Due to the light weight the RS4 handles brilliantly. Flicking it from right to left is a doddle and should you need to change your line during a corner, a slight push on either bar will suffice. The launch bikes were shod with super-sticky Pirelli SC1s which really showed off the full handling potential of the RS4. It's surprisingly roomy and, compared to the old RS125, feels slightly less sporty which is a big plus.
Pulling away requires a good twist of the wrist to get the new four-valve, four-stroke engine spinning and keep up the momentum. Compared to some 125s the RS4 needs to be revved and ideally kept above 8000rpm. Even som the Aprilia accelerates briskly upto 40mph before starting to level off.
The new four-stroke 125cc engine should be much more reliable than the highly-strung two-stroke engine of the old RS - which was often neglected by teenagers. The bikes never missed a beat being held at full throttle virtually all day in 30°C plus heat.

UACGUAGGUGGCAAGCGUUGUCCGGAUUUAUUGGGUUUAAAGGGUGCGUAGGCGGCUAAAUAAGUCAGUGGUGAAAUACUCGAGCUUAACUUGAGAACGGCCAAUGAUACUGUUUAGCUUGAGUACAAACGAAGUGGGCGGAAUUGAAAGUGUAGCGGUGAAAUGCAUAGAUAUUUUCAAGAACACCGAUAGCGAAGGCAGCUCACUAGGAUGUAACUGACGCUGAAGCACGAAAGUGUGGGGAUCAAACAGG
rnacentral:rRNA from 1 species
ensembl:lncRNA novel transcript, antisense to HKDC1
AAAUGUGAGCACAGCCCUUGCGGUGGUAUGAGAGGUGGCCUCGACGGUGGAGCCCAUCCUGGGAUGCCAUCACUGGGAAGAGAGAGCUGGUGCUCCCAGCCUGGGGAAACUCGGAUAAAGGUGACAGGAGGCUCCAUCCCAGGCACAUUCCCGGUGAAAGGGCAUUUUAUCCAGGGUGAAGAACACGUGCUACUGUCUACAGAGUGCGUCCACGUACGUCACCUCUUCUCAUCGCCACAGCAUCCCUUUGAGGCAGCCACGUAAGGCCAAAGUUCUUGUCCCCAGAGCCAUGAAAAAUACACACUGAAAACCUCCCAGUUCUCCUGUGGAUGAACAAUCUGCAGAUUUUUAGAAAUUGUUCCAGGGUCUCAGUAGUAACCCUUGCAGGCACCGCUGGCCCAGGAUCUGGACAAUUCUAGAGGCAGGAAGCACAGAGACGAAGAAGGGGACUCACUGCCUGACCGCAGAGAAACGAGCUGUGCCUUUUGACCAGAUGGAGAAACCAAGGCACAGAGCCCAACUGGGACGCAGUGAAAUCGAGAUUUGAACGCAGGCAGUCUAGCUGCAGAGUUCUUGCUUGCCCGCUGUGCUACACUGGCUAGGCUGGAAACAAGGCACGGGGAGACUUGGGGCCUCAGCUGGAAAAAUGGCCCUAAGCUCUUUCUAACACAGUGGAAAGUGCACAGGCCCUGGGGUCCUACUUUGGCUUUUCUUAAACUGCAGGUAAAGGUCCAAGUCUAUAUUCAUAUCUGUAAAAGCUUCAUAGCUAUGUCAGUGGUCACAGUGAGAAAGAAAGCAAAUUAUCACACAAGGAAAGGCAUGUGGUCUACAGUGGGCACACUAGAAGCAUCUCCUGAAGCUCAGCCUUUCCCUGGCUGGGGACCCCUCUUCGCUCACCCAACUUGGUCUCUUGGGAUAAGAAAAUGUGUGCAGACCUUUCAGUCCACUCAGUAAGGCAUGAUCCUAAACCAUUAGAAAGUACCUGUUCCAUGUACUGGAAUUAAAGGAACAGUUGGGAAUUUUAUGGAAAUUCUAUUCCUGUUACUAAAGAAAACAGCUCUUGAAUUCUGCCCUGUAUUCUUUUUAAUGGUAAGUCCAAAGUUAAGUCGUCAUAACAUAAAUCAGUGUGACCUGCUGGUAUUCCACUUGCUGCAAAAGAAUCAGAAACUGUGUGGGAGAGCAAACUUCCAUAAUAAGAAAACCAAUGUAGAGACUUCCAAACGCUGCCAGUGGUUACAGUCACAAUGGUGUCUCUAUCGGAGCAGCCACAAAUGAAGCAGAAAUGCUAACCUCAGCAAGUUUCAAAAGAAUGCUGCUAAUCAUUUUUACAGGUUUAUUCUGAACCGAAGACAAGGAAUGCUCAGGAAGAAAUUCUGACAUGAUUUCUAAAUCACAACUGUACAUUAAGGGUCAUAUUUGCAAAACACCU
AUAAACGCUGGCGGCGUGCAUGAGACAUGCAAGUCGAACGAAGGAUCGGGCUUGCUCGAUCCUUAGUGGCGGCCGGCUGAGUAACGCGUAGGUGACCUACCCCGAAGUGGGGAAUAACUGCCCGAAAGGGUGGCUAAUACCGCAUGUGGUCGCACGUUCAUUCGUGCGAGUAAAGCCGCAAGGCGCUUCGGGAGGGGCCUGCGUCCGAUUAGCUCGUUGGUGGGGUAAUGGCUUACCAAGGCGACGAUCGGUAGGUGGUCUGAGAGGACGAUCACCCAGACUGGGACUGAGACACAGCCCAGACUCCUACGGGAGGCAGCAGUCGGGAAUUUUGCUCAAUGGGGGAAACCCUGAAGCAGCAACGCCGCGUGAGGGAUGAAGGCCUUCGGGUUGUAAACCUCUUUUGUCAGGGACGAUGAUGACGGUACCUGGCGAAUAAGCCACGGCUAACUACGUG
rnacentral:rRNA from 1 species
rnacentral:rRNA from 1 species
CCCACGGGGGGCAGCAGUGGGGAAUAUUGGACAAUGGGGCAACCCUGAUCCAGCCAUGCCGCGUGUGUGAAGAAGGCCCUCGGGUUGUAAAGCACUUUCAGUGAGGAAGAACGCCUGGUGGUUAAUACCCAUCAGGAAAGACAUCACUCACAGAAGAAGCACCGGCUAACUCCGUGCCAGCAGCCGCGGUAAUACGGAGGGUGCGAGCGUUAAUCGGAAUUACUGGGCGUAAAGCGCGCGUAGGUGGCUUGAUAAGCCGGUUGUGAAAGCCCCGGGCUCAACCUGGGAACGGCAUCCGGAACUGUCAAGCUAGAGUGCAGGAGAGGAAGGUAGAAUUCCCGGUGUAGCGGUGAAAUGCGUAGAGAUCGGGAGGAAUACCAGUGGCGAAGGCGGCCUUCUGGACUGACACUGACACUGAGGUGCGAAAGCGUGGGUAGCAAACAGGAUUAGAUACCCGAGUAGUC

£3999 on the road sounds like a lot for a 15bhp bike, but when you consider the Yamaha YZFR-125, arguably its closest rival, costs £4,249 it doesn't seem so bad. Yes, there are cheaper 125s out there, but none of them are as cool as the Aprilia.
Radial brakes, braced swingarm, max speed function and braided hoses are all standard on the RS4 125. One of the accessories which will beavailable is a quickshifter. It only really works weel if changing up right before the rev limiter at 11,000rpm, changing anywhere else results in a very clunky and crude sounding gear change. But a quickshifter will give you major bragging rights over your mates.
In 2012 Aprilia released a replica Max Biaggi livery for the RS4 125.